Rob Osman from Bristol, England, has had it pretty rough. The 38-year-old has battled with anxiety and depression for most of his life, and at one point was reduced to living in his sister’s windowless basement smoking far too much weed to care. Eventually, however, Rob found a way out of the rut.
Many things have helped him to get better, including the pursuit of a psychology and counseling degree at a local university. But the best remedy was walking his Hungarian Vizsla, Mali. As they were strolling outside, Rob felt his body relax and the tension melting away.
Realizing the huge healing power of this simple everyday activity, he set up a group called Dudes & Dogs. It’s a mental wellness community that encourages men to get out in the fresh air for a walk and talk about their feelings.
“Talking helps. It really does,” Osman wrote on the group’s website. “It’s helped me no end, but sometimes as men, we aren’t the best at it. Well, Dudes & Dogs wants to change that for the next generation. There is no doubt things are changing. We want to be a part of that. By simply getting outside, talking things through, we can start to change our mood.”
It all started during one of those wet, windy, and cold days that the UK is so notorious for. There was no way in hell Rob wanted to go out, especially not the way he was feeling.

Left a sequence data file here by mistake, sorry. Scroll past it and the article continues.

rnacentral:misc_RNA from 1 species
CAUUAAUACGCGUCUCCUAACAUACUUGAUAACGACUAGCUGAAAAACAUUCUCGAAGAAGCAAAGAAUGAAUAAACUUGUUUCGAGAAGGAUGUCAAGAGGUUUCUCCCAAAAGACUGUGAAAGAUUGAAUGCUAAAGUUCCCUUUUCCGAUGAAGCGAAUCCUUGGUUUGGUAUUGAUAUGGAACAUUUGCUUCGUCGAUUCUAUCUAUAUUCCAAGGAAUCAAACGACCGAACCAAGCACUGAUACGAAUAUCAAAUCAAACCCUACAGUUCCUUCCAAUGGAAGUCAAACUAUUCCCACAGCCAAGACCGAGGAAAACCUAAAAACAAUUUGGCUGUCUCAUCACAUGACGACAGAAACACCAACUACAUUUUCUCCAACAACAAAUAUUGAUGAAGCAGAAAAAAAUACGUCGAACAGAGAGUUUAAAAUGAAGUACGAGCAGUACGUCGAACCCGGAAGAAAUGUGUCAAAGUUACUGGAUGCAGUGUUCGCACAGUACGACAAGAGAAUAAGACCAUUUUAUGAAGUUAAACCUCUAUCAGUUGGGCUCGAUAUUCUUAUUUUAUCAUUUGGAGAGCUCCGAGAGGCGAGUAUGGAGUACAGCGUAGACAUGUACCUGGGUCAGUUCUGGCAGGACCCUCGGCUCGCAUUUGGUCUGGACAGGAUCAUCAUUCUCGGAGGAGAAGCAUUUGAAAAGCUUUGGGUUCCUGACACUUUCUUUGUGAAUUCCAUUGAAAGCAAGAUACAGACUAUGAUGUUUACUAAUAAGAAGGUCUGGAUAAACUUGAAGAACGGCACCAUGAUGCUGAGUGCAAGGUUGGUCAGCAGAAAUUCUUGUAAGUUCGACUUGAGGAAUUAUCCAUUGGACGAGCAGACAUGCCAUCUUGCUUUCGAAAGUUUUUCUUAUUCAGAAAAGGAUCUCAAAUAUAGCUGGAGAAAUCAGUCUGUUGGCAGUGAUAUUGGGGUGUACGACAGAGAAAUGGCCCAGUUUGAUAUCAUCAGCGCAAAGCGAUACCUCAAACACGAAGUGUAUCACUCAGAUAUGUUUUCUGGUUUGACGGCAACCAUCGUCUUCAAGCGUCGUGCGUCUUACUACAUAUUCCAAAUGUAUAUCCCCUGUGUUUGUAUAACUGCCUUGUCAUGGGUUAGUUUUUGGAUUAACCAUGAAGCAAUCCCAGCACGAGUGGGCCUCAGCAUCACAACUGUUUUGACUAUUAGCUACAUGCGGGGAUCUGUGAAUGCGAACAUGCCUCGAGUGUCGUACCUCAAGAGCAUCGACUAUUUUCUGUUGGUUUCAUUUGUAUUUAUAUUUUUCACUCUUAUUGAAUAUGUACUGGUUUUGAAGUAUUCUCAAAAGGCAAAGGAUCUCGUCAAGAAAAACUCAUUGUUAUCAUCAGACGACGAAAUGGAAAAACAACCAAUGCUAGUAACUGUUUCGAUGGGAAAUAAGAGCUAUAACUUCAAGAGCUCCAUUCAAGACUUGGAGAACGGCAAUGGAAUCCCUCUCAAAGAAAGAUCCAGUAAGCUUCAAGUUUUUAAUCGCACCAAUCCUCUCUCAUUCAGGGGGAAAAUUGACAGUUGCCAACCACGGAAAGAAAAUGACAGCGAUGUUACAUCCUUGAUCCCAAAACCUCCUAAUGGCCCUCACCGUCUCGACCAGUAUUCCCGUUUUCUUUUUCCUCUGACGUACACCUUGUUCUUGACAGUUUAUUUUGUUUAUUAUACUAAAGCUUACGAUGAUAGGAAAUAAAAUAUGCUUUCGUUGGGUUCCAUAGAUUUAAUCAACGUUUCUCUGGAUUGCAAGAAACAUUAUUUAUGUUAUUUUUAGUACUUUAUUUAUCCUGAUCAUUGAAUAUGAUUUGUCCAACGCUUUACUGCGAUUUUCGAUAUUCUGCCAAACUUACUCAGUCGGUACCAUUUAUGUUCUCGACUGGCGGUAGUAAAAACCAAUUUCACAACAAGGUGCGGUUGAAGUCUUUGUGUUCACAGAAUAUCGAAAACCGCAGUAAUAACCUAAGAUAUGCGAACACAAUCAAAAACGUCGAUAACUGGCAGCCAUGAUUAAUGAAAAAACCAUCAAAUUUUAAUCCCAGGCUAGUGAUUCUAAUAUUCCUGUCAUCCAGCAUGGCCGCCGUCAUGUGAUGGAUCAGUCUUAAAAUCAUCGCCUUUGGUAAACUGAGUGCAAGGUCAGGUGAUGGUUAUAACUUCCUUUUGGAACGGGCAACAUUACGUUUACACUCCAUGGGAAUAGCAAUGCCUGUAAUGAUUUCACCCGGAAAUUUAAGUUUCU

But there was the dog. She didn’t care that her owner felt like crap. She didn’t care that the weather was rubbish, she just wanted to get out and play. “It’s been the best therapy I’ve ever had,” Rob said.
Pretty soon, Osman started inviting friends on walks with Mali. Some days, they would chat but often they simply hang out. But most importantly, he discovered that his friends were also benefiting from the dog and fresh. This got the man thinking if he could expand this model to more people. More men.
They are very resistant to seeking mental health treatment. According to a study by Priori, 40% of men won’t talk to anyone about their mental health. Dogs, however, seem to ease them into having these conversations.
“They need someone to listen,” Osman told TODAY. “The idea of using a dog gives people an hour away from the family and gets them out. Dogs are like four-legged antidepressants. When people are around them they drop their defenses. They play with the dog.”
Image credits: dudes_anddogs